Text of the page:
Saturday, December 7

Research reveals growing success of sprayable gel solution in cancer treatment


(Courtesy of Zhen Gu/UCLA)

(Courtesy of Zhen Gu/UCLA)


UCLA researchers developed a gel-forming sprayable solution that can prevent cancer cells from regrowing after surgical removal.

Zhen Gu, a bioengineering professor, and other senior researchers at universities in the U.S. and China published their results earlier this month in Nature Nanotechnology, a scientific journal. The researchers tested the solution on mice with cancer and found that about 50 percent of the mice treated by the new method did not develop resurgent cancer cells after having their cancer surgically removed.

The new system is comprised of a gel-forming solution, the drug CD47 antibody and the nanoparticle carrier of the drug. Researchers have used each of the components individually in the past to treat cancer.

“But when you combine them all together, they become quite novel,” Gu said.

Gu said the most distinctive part of the delivery system was the use of the sprayer. Guojun Chen, a postdoctoral fellow and co-author of the paper, said Gu first thought to use a sprayer after observing a foam spray bottle commonly used during some Chinese festivals.

Qian Chen, postdoctoral fellow and first author, said they began using the current method of turning the solution to gel last year.

“We tried polymers at first before we switched to protein-based method,” she said. “The polymer is too thick for the spray.”

After a cancer is surgically removed, the solution is sprayed directly onto the surgical site and forms a gel layer to cover the wounds, promoting healing while releasing the CD47 antibody. The solution suppresses any recurring cancer cells at the surgical site. The immune cells at the surgical site are trained to identify cancer cells and can then spread to target cancers in other regions of the body.

The sprayer uses two containers, both with a base which creates the same pH level as the human body. One container carries enzymes that facilitate gel formation while the other container holds nanoparticle carriers of the drug.

Gu said droplets from a sprayer are more homogeneous, giving the researchers better control of drug delivery compared to the traditional delivery method of a premixed syringe.

The nanoparticle carrier calcium carbonate, which is a natural component of human bones, dissolves at and neutralizes the slightly acidic surgical site. The carrier also releases the CD47 antibody in the process. The nanoparticle itself also promotes the activity of macrophages that devour foreign objects in the body as a part of the immune response.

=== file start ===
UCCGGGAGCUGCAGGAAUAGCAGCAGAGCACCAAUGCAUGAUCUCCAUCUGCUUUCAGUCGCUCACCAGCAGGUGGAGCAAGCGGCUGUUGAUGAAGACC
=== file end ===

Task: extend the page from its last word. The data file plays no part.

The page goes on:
The anti-CD47 antibody inhibits the “don’t eat me”signal released by the CD47 protein of cancer cells to allow the body’s immune system to successfully identify and attack cancer cells.

As some normal body cells also use the CD47 protein to identify themselves to the immune system, the traditional method of delivering the CD47 antibody by injection can cause the immune system to attack various body cells, leading to side effects such as severe tiredness.

The localized nature of the new spray droplets delivery system would minimize such side effects. The system also trains T cells, a type of cell of the immune system that discriminates foreign bodies from human body cells, to recognize signatures of the cancerous cell at the surgical site. The T cells would then diffuse throughout the body to holistically target cancer cells in other areas.

The researchers confirmed the effectiveness of this holistic treatment by observing mice with cancers at two different sites on the body and surgically removing the cancer in one of the sites. They applied the spray on the surgical site while keeping the other cancer untreated. Results showed that the untreated cancer was also inhibited by the trained T cells from the treated surgical site.

Furthermore, Gu said the new system provides great practical value because of the simplicity and versatility of the spray.

“The system could be a platform technology and we can use it to deliver other therapeutic drugs … such as bone regeneration and teeth refilling,” he said.

As the spray delivery system is proven to be functional in mice experiments, Gu plans to conduct studies on large mammals and eventually on human subjects before releasing the spray for clinical use.

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Rosenbluth is the assistant News editor for the Science and Health beat. She was previously a News contributor for the science and health beat. She is a third-year psychobiology student who loves learning about evolutionary biology and neuroscience.


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